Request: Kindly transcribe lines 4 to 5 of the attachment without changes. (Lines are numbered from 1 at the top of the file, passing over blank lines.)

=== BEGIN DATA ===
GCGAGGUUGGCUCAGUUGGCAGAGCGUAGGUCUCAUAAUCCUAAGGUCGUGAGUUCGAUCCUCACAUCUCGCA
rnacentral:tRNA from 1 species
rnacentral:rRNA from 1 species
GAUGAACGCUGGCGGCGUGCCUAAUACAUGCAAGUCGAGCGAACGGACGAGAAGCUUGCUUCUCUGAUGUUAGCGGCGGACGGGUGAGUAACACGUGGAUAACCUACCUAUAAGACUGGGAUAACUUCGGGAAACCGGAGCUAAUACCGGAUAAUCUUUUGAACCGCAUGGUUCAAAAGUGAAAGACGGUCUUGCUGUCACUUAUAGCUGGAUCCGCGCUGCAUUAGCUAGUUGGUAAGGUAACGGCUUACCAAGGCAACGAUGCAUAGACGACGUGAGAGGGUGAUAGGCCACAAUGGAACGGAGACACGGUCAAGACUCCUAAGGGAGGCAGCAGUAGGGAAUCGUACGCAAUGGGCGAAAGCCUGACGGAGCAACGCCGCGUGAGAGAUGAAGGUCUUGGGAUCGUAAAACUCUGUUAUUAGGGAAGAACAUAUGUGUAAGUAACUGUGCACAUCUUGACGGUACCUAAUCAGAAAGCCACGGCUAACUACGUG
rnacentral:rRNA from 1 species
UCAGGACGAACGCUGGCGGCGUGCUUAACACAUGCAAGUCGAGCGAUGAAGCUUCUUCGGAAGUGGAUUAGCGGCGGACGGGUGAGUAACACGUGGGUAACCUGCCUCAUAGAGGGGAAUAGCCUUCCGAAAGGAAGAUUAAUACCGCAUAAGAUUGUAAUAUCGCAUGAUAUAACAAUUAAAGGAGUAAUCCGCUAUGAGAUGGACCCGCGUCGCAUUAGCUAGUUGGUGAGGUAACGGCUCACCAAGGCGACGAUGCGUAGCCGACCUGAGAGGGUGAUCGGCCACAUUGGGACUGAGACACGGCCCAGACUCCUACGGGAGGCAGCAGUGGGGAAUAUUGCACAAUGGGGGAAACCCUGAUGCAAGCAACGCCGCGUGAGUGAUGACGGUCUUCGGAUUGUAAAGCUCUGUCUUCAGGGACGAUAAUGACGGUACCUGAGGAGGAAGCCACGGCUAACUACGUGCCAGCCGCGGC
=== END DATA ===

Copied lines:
GAUGAACGCUGGCGGCGUGCCUAAUACAUGCAAGUCGAGCGAACGGACGAGAAGCUUGCUUCUCUGAUGUUAGCGGCGGACGGGUGAGUAACACGUGGAUAACCUACCUAUAAGACUGGGAUAACUUCGGGAAACCGGAGCUAAUACCGGAUAAUCUUUUGAACCGCAUGGUUCAAAAGUGAAAGACGGUCUUGCUGUCACUUAUAGCUGGAUCCGCGCUGCAUUAGCUAGUUGGUAAGGUAACGGCUUACCAAGGCAACGAUGCAUAGACGACGUGAGAGGGUGAUAGGCCACAAUGGAACGGAGACACGGUCAAGACUCCUAAGGGAGGCAGCAGUAGGGAAUCGUACGCAAUGGGCGAAAGCCUGACGGAGCAACGCCGCGUGAGAGAUGAAGGUCUUGGGAUCGUAAAACUCUGUUAUUAGGGAAGAACAUAUGUGUAAGUAACUGUGCACAUCUUGACGGUACCUAAUCAGAAAGCCACGGCUAACUACGUG
rnacentral:rRNA from 1 species